Is one of Michigan's Kinesiology professors...you know that "easy" jock program (kinesiology. '92alum) and he has been doing a lot of concussion research with Ann Arbor Skyline, the NFL, MLB, NHL, etc. and a LOT of new study/data is coming from the University. It could change the landscape of the game.

I spent a few hours at an alumni event talking about concussions, and he has been sharing info via email off and on since. Amazing stuff that really makes you think about contact sports.


July 13th, 2013 at 8:11 AM ^

And growth hormones. I think the vast majority of these injuries would be much less devastating if the players were not borderline superhuman. Look at how the size, weight, and speed has improved the last couple of generations. These guys can get huge with all this new weight training without the Peds. It has to feel like your getting hit by a wrecking ball when you get tackled. This is less about concussions and geared more towards injuries in general.


July 13th, 2013 at 8:17 AM ^

The worst impact is at the High school level. The reasoning being such a size differential. A HS freshman, typically in a speed/skill position at that age if you think about it...vs. a fully developed HS senior linebacker, the impact and forces vs. underdeveloped musculature and the rate of injury/force of impact is staggering.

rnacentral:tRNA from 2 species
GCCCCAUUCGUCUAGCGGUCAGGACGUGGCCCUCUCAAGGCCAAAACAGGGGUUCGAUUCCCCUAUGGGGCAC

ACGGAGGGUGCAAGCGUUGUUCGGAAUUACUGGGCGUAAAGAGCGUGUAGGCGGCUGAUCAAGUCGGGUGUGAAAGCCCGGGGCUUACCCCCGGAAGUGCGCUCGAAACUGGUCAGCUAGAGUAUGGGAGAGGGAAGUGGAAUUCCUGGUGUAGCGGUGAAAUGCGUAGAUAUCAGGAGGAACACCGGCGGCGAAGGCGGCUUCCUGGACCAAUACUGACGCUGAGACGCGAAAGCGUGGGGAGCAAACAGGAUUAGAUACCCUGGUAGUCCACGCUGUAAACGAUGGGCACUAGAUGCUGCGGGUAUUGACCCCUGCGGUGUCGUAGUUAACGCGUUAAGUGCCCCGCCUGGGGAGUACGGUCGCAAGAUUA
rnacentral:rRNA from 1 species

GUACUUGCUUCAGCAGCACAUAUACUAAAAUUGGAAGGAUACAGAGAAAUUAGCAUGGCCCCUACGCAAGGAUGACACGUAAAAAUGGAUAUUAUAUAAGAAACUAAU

In contrast, mutant roid vs. mutant roid is a leveled impact. They give as much as they get. Neck and core development absorb a lot of the impact. The issue certainly still exists as. Repetitive impact creates a summative effect, but you get the point..


July 13th, 2013 at 4:15 PM ^

you wanna clarify that statement?  I think you want to assume that every player is on PEDS.  Do you really think players like Clowney and Lebron are on the juice?    It has less to do with PEDs and more to do with understaning human athletic development.  Athletes from HS up train harder longer and better than they did 5 years ago.  That and humans are just bigger than they were 25 years ago.


July 13th, 2013 at 3:32 PM ^

I was about to post the same thing. Unintended consequences indeed. It makes the concept of "lighting him up" quite literal. By doing this, you're giving defensive players something to aim for, a tangible measurement of how "effective" they are at devastating hits. You best believe an NFL rookie looking for that last roster spot, or a redshirt freshman linebacker looking for some recognition and playing time is going to try to make any TE or WR coming over the middle light up like a Christmas tree.


July 13th, 2013 at 11:42 PM ^

you just don't have the type of repetitive hits, say 70 plays a game, that the head is involved in.   still need to protect the head, get rid of the high hits (especially the shoulder-to-opponents-head hits), but a device for incremental shots to the head is not necessary for hockey.